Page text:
Providing quality care despite a shortage of doctors

There is a steady flow of academic articles and press coverage about how the shortage of physicians is impacting US healthcare. Many of the media stories recount personal tragedies; too little care, too late.

Patients are suffering from a lack of primary care physicians and specialists in towns that are medically underserved because of their remote location, or simply because there are insufficient numbers of medical practitioners covering the local population.

Nationwide Shortage and Surplus of Primary Care Physicians

This map from the American Action Forum colors the physician shortage or surplus in each county, where “shortage” and “surplus” are defined as the total number of physicians above or below the population-adjusted national average.

By way of example, some worrying statistics:


  • Nearly 20 percent of Americans live in areas with an insufficient number of primary care doctors (U.S. Department of Health and Human Services)
  • Almost 91 million adults live in areas where shortages of mental-health professionals make obtaining treatment difficult (U.S. Department of Health and Human Services)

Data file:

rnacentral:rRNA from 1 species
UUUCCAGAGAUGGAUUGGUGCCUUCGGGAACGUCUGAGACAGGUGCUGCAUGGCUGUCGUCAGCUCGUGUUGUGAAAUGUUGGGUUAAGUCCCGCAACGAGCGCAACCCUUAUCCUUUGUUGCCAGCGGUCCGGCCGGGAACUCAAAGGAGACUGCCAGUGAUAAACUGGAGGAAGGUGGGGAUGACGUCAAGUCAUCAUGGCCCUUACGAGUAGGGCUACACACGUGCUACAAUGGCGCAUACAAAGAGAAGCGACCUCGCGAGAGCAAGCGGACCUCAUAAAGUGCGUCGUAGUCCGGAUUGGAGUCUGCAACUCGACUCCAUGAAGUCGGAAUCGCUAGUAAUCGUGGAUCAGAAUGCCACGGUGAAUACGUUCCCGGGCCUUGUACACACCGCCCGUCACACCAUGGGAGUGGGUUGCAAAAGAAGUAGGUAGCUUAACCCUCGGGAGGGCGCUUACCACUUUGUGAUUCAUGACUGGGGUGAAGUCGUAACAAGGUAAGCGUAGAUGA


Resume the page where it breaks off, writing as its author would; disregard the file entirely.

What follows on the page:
• The nation will face a shortage of between 46,000-90,000 physicians by 2025 (Association of American Medical Colleges)


It’s easy to rant in a blog about how bad it is that people have to wait to get the care they need. It’s much harder and slower to find appropriately qualified healthcare professionals and the funds to employ them. So is there a solution? Yes. It’s digital health.

Health informatics technologies can ensure that scarce resources are used most effectively to meet the needs of the population. These examples focus on the care of children with ADHD, but they apply to other domains also.

Improved efficiency is definitely a benefit of health IT. Automated electronic communication shortens the time it takes to gather the necessary information to assess and treat children with ADHD. A clinician using mehealth for ADHD tells us it reduces his assessment and diagnosis time by 75 percent. Replacing paper ratings with online assessments dramatically reduces the administrative burden and frees up clinical time.

Delivering the best, evidence-based care for all patients that come to the clinic isn’t easy; it’s hard for pediatricians to be experts in everything. There’s some controversy around the diagnosis and treatment of ADHD, so referring all suspected cases to a child psychiatrist has become standard practice for some pediatricians. With 11% of US children receiving a diagnosis of ADHD, the idea that child psychiatrists could, or should, see them all is clearly untenable. Software is empowering pediatricians to manage routine cases and triage those that need a referral. mehealth for ADHD maps symptoms (automatically collected, scored and analyzed) against DSM-5 criteria and AAP ADHD guidelines, and it provides assessment and treatment reports. It doesn’t remove the need for good clinical judgment, but it supports pediatricians in delivering optimal care… themselves.